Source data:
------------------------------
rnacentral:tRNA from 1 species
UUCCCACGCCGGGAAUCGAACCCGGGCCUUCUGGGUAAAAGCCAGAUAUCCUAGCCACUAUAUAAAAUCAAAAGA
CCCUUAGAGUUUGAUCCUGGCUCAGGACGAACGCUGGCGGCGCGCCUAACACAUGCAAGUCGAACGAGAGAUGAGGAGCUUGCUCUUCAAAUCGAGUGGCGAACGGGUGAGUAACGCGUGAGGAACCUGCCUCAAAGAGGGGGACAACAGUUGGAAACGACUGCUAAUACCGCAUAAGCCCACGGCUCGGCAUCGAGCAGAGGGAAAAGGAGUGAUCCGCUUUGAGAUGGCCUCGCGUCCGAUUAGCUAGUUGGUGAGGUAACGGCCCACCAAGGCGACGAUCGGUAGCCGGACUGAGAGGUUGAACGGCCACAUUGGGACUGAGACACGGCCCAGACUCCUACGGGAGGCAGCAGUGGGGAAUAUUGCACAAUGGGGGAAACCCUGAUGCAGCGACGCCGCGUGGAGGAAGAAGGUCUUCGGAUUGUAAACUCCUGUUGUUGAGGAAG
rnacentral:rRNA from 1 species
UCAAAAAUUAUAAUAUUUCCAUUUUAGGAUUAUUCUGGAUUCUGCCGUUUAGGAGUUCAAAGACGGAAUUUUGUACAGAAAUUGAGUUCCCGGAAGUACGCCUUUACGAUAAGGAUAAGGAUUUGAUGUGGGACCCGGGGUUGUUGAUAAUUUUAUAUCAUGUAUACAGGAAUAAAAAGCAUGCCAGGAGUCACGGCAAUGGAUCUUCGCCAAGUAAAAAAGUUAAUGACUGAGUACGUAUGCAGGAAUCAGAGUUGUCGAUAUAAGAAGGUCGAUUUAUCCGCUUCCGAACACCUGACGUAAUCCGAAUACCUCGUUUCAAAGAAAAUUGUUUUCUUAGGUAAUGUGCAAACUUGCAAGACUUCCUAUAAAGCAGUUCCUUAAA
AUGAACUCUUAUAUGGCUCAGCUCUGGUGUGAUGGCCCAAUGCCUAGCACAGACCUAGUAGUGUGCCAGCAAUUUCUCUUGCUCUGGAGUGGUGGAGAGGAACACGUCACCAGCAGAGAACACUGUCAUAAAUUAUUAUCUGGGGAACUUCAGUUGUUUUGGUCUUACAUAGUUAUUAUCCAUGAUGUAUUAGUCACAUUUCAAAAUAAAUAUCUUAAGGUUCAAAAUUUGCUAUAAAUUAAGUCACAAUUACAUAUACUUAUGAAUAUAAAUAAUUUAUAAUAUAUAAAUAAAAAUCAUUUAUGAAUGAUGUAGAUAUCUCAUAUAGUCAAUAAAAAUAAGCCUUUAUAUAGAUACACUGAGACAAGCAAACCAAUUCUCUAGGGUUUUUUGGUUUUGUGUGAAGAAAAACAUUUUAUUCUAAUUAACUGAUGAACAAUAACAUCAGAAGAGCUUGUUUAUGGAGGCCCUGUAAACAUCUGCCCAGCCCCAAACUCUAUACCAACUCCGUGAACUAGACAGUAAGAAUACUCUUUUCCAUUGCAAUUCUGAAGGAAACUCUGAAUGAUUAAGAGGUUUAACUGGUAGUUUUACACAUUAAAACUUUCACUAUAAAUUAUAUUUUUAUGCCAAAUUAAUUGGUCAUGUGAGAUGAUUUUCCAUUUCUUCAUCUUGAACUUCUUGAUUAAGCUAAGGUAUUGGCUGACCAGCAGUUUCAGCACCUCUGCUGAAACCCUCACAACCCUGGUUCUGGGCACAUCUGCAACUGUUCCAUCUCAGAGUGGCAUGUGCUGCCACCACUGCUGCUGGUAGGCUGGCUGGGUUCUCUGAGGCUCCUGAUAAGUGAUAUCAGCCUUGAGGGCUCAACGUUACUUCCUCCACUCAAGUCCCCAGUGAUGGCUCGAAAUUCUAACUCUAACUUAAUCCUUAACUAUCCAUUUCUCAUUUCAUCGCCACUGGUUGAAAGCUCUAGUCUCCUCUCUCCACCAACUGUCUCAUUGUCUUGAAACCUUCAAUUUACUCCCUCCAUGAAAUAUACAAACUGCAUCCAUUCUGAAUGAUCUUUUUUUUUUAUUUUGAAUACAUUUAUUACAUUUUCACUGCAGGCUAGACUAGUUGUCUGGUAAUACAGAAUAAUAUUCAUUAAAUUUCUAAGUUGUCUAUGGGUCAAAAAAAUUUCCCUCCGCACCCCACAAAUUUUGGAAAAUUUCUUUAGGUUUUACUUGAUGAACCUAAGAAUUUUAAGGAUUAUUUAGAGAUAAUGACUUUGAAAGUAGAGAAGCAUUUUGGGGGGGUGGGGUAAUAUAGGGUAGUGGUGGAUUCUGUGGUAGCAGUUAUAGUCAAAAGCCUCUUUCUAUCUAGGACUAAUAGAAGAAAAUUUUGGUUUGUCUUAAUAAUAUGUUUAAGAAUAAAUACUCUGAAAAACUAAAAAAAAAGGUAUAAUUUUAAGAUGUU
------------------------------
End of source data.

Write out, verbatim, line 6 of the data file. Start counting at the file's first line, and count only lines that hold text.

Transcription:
AUGAACUCUUAUAUGGCUCAGCUCUGGUGUGAUGGCCCAAUGCCUAGCACAGACCUAGUAGUGUGCCAGCAAUUUCUCUUGCUCUGGAGUGGUGGAGAGGAACACGUCACCAGCAGAGAACACUGUCAUAAAUUAUUAUCUGGGGAACUUCAGUUGUUUUGGUCUUACAUAGUUAUUAUCCAUGAUGUAUUAGUCACAUUUCAAAAUAAAUAUCUUAAGGUUCAAAAUUUGCUAUAAAUUAAGUCACAAUUACAUAUACUUAUGAAUAUAAAUAAUUUAUAAUAUAUAAAUAAAAAUCAUUUAUGAAUGAUGUAGAUAUCUCAUAUAGUCAAUAAAAAUAAGCCUUUAUAUAGAUACACUGAGACAAGCAAACCAAUUCUCUAGGGUUUUUUGGUUUUGUGUGAAGAAAAACAUUUUAUUCUAAUUAACUGAUGAACAAUAACAUCAGAAGAGCUUGUUUAUGGAGGCCCUGUAAACAUCUGCCCAGCCCCAAACUCUAUACCAACUCCGUGAACUAGACAGUAAGAAUACUCUUUUCCAUUGCAAUUCUGAAGGAAACUCUGAAUGAUUAAGAGGUUUAACUGGUAGUUUUACACAUUAAAACUUUCACUAUAAAUUAUAUUUUUAUGCCAAAUUAAUUGGUCAUGUGAGAUGAUUUUCCAUUUCUUCAUCUUGAACUUCUUGAUUAAGCUAAGGUAUUGGCUGACCAGCAGUUUCAGCACCUCUGCUGAAACCCUCACAACCCUGGUUCUGGGCACAUCUGCAACUGUUCCAUCUCAGAGUGGCAUGUGCUGCCACCACUGCUGCUGGUAGGCUGGCUGGGUUCUCUGAGGCUCCUGAUAAGUGAUAUCAGCCUUGAGGGCUCAACGUUACUUCCUCCACUCAAGUCCCCAGUGAUGGCUCGAAAUUCUAACUCUAACUUAAUCCUUAACUAUCCAUUUCUCAUUUCAUCGCCACUGGUUGAAAGCUCUAGUCUCCUCUCUCCACCAACUGUCUCAUUGUCUUGAAACCUUCAAUUUACUCCCUCCAUGAAAUAUACAAACUGCAUCCAUUCUGAAUGAUCUUUUUUUUUUAUUUUGAAUACAUUUAUUACAUUUUCACUGCAGGCUAGACUAGUUGUCUGGUAAUACAGAAUAAUAUUCAUUAAAUUUCUAAGUUGUCUAUGGGUCAAAAAAAUUUCCCUCCGCACCCCACAAAUUUUGGAAAAUUUCUUUAGGUUUUACUUGAUGAACCUAAGAAUUUUAAGGAUUAUUUAGAGAUAAUGACUUUGAAAGUAGAGAAGCAUUUUGGGGGGGUGGGGUAAUAUAGGGUAGUGGUGGAUUCUGUGGUAGCAGUUAUAGUCAAAAGCCUCUUUCUAUCUAGGACUAAUAGAAGAAAAUUUUGGUUUGUCUUAAUAAUAUGUUUAAGAAUAAAUACUCUGAAAAACUAAAAAAAAAGGUAUAAUUUUAAGAUGUU